RICK BOZICH: Belmont biggest obstacle to Triple Crown hopefuls
ELMONT, N.Y. (WDRB) -- There is no need to check the Daily Racing Form past performance charts. For more than three decades the Belmont Stakes has delivered an abundance of agony with an absence of ecstasy.
The finest 3-year-old horses in the world compete over a mile-and-a-half, at least a quarter-mile beyond any distance they have ever raced. The journey begins near the center of the massive Belmont grandstand. It typically ends at the Heartbreak Hotel.
Nearly everybody says this year will be different. I'll Have Another, listed as the 4-to-5 favorite after drawing the 11 post position Wednesday, will make it different. They always say that when a horse has won the Kentucky Derby and Preakness. Always.
I'll Have Another is absolutely favored to deliver racing's first Triple Crown in 34 years Saturday. He should be. Belmont will be stuffed with more than 100,000 people. The place sold out the way it only does when a Triple Crown is on the line.
Insert the colt's name in your next casual sports conversation, and I guarantee somebody will tell you how much they will be cheering for I'll Have Another to deliver.
The colt has been trained superbly by Doug O'Neill. Bill Shoemaker couldn't ride with more poise than Mario Gutierrez has shown in the saddle. His challengers are certainly talented, but not particularly imposing.
He was the surprise winner of the Kentucky Derby more than 4-1/2 weeks ago. He was the exhilarating come-from-behind winner of the Preakness in Baltimore May 19. I'll Have Another has shown speed, stamina and courage, the three most essential elements a champion horse must demonstrate.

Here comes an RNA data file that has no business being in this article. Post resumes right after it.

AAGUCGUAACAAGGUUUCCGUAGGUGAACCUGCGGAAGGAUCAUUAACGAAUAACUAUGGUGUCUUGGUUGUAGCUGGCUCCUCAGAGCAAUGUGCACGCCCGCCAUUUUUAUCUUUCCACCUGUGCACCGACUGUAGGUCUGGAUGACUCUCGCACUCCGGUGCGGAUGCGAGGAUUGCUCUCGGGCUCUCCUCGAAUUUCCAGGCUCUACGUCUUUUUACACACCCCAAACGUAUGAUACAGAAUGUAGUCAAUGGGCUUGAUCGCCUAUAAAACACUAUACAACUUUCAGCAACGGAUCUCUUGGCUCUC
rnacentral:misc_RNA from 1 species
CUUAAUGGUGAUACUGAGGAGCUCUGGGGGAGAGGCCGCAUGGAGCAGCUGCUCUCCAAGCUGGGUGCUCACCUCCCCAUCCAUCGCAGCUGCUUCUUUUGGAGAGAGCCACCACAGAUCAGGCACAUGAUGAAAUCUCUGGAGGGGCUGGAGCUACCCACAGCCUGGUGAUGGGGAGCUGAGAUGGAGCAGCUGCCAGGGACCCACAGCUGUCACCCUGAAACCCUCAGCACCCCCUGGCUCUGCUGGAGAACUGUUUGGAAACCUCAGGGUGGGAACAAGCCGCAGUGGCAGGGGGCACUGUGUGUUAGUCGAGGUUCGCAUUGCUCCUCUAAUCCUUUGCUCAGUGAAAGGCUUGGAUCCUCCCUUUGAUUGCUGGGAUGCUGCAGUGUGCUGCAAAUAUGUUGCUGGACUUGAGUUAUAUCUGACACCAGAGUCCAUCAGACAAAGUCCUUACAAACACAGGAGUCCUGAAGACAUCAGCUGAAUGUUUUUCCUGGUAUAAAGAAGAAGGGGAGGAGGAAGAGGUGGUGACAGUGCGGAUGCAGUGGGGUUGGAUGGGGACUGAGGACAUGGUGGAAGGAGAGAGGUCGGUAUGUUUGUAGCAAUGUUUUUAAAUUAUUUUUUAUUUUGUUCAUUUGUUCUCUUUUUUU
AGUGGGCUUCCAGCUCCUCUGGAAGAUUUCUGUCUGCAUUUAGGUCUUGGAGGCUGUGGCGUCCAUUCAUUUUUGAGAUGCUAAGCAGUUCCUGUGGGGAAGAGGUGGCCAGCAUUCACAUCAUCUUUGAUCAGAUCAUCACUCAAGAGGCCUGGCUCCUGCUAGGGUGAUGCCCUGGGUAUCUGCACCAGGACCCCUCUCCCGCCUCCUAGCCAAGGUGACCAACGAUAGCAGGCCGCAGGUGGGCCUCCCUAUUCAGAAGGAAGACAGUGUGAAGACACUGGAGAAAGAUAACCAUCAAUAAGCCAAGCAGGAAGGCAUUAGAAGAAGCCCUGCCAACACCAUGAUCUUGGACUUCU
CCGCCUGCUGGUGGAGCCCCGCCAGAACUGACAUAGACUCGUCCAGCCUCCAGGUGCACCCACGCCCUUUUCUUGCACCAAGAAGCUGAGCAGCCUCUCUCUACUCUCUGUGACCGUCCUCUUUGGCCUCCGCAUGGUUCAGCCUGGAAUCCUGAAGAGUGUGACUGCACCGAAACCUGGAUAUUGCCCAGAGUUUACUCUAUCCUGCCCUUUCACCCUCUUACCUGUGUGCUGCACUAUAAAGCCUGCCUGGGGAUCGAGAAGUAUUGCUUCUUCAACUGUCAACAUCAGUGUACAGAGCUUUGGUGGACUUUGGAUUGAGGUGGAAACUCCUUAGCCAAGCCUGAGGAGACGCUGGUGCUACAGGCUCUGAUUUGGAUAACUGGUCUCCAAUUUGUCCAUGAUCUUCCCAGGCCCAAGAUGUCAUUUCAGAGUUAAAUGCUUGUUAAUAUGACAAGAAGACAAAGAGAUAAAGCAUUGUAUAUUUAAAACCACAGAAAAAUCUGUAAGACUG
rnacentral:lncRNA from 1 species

All systems are go, go, go.
"He's handled the whole journey as good as you could possibly ask a horse," O'Neill said Wednesday. "He's doing great."
But it won't be easy. It's never easy at the Belmont. There are no fluke Triple Crowns. None. Even great runners -- Spectacular Bid, Alysheba, Sunday Silence come to mind -- discover that even greatness is not enough to win this race.
These are my Belmont Stakes memories: Savannah Baffert, maybe 5 years old, clinging to her father, trainer Bob Baffert, in the grandstand, wondering out loud if their colt, Real Quiet, had held off Victory Gallop at the wire to win the 1998 Triple Crown.
Victory Gallop won by a nose. Father shook his head. Daughter understood and then immediately told her father it would be OK.
Nobody knows what the Belmont can do to a trainer's optimism more than Baffert. He also missed Triple Crowns with Silver Charm (1997) and War Emblem (2002). Baffert will be pulling for I'll Have Another as enthusiastically as anybody in the country. But there have been moments this spring when Baffert has confessed that he wonders if another Triple Crown will ever be won.
One of the strangest moments I've seen in horse racing came on the Belmont track just beyond the finish line eight years ago. Nick Zito is a trainer who had already won the Kentucky Derby as well as the Preakness.
Zito is a native New Yorker who wanted to win a Belmont, too. Birdstone had given him that victory, upsetting Smarty Jones, whose amazing story had already been slotted for the cover of Time magazine/
But before Zito started celebrating Birdstone's improbable victory, he searched the track for every person connected to Smarty Jones. Zito's message was simple:
He was sorry. Very sorry. Sorry for denying Smarty Jones what was supposed to be his inevitable Triple Crown.
I could go on. There is certainly considerable material.
Charlie Whittingham kicking the ground and howling after Easy Goer upset Sunday Silence in 1989. The relentlessly talkative Rick Dutrow running out of words after Big Brown ran like a big mystery four years ago. War Emblem. Charismatic. Funny Cide. You know the list.
That is what happens in this race. Great horses discover they are not great enough, sometimes by huge chunks of ground, sometimes by a nose.
I'll Have Another is favored to win this Triple Crown. But it won't be easy. It never is.